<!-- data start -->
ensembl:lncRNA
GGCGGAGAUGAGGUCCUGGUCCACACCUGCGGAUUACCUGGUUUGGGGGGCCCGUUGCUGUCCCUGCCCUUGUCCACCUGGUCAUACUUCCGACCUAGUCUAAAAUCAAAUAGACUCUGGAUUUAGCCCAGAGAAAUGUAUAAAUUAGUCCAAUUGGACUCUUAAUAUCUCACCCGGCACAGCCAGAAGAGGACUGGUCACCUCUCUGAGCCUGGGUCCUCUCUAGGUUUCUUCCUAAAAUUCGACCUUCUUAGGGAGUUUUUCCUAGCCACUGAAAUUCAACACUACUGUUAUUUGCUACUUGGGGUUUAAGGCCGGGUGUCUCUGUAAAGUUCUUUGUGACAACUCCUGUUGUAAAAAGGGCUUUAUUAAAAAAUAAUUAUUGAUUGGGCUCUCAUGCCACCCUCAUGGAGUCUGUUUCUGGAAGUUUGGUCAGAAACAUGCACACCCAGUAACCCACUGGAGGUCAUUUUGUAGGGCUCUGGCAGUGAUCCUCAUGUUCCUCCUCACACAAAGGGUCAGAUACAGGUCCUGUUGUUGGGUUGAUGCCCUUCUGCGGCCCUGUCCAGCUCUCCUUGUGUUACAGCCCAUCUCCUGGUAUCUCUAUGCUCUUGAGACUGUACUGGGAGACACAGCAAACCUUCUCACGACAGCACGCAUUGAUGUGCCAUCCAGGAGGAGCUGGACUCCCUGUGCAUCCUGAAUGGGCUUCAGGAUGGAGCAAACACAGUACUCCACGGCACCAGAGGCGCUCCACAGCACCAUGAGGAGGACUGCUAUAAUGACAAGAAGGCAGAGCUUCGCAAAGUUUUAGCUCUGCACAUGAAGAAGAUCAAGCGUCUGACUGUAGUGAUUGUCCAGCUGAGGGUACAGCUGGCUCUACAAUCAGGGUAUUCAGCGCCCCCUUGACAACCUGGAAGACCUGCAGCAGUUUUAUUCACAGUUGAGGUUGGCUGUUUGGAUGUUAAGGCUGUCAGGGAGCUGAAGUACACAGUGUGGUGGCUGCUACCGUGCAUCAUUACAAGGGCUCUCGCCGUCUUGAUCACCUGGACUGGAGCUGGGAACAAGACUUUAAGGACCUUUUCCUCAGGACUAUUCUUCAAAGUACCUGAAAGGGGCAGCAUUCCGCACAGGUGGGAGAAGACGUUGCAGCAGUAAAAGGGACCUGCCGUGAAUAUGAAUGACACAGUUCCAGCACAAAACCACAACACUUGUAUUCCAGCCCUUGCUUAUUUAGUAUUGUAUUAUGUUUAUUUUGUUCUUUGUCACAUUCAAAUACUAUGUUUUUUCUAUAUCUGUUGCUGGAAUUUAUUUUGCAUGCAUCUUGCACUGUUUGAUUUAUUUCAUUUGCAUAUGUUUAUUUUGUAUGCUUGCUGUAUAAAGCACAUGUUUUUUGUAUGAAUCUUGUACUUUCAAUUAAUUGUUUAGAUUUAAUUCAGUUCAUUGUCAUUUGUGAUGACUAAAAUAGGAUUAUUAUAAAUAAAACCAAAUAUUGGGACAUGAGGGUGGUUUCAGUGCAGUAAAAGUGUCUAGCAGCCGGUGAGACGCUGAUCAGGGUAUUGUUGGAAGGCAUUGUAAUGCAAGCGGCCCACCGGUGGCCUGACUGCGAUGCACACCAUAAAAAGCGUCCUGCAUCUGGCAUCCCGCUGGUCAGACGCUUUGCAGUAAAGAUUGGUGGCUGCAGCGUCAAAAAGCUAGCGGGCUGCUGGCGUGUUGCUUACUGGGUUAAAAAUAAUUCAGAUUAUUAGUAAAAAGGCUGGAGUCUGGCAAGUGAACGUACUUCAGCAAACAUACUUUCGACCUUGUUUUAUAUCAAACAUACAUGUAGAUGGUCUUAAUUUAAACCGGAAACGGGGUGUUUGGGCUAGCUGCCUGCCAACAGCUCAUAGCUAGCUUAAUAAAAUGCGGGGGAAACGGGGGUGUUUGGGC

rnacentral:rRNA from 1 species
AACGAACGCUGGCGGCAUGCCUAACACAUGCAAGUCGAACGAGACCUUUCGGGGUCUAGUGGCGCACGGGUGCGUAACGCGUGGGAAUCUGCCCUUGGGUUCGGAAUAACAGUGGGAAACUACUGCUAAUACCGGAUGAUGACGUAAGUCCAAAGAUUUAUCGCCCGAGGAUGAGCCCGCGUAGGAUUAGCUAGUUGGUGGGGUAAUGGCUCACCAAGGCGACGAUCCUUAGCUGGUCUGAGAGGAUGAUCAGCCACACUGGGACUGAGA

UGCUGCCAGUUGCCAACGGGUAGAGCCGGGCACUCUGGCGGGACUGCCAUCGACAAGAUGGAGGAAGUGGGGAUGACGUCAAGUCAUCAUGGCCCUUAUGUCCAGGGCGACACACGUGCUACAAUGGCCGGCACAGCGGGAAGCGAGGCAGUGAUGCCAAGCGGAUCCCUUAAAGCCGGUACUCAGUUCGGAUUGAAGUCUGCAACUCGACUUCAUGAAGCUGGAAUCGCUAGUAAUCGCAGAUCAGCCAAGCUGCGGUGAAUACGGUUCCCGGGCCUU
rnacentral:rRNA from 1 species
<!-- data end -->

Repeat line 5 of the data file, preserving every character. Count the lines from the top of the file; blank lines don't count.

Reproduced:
UGCUGCCAGUUGCCAACGGGUAGAGCCGGGCACUCUGGCGGGACUGCCAUCGACAAGAUGGAGGAAGUGGGGAUGACGUCAAGUCAUCAUGGCCCUUAUGUCCAGGGCGACACACGUGCUACAAUGGCCGGCACAGCGGGAAGCGAGGCAGUGAUGCCAAGCGGAUCCCUUAAAGCCGGUACUCAGUUCGGAUUGAAGUCUGCAACUCGACUUCAUGAAGCUGGAAUCGCUAGUAAUCGCAGAUCAGCCAAGCUGCGGUGAAUACGGUUCCCGGGCCUU